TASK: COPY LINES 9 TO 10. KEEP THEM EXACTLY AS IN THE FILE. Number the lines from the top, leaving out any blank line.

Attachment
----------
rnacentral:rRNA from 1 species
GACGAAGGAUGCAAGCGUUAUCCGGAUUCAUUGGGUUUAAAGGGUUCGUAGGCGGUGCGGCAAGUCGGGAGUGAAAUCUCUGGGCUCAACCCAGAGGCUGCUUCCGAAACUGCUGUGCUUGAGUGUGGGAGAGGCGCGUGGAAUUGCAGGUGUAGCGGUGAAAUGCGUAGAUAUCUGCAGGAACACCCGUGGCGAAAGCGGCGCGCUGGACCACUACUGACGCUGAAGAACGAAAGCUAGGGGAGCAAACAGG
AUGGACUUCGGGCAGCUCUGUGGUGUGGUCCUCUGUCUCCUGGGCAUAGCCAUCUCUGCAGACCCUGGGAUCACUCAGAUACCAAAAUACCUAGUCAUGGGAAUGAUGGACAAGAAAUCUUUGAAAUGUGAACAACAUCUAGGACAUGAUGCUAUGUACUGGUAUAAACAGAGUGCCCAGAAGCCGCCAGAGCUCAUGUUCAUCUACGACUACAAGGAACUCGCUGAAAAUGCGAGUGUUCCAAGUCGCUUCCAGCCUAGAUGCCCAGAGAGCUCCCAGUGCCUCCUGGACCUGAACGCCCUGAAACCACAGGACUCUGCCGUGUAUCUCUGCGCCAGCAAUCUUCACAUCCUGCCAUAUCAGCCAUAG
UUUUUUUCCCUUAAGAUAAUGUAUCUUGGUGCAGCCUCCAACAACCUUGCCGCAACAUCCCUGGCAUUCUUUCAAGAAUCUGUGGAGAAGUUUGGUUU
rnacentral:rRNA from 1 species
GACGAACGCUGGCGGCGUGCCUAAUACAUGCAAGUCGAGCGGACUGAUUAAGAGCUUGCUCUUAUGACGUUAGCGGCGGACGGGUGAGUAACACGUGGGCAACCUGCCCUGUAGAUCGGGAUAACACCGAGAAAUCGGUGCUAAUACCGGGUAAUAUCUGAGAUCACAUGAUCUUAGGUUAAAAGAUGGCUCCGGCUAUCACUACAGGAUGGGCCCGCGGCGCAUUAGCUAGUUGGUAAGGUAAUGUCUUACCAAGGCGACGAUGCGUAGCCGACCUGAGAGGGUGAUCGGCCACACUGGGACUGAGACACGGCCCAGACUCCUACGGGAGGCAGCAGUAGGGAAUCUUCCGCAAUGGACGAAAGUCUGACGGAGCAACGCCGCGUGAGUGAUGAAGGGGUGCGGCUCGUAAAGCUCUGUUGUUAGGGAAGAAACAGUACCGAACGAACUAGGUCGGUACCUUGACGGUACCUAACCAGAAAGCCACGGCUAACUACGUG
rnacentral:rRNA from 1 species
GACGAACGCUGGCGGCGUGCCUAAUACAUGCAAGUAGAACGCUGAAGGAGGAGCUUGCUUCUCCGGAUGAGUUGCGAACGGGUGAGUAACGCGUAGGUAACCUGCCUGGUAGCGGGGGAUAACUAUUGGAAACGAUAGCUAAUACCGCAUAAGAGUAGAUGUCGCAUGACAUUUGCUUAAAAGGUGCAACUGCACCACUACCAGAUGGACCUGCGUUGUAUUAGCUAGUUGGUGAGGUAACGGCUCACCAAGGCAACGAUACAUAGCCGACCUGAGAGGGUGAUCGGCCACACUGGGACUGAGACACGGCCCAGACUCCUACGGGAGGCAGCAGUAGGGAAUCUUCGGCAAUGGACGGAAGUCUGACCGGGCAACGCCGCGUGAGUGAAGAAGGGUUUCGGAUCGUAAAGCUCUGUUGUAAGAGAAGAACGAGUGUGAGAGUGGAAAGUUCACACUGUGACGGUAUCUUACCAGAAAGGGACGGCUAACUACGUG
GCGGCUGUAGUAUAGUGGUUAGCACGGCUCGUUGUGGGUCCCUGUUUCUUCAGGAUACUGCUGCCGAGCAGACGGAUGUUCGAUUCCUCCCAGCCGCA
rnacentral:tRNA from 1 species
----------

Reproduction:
GCGGCUGUAGUAUAGUGGUUAGCACGGCUCGUUGUGGGUCCCUGUUUCUUCAGGAUACUGCUGCCGAGCAGACGGAUGUUCGAUUCCUCCCAGCCGCA
rnacentral:tRNA from 1 species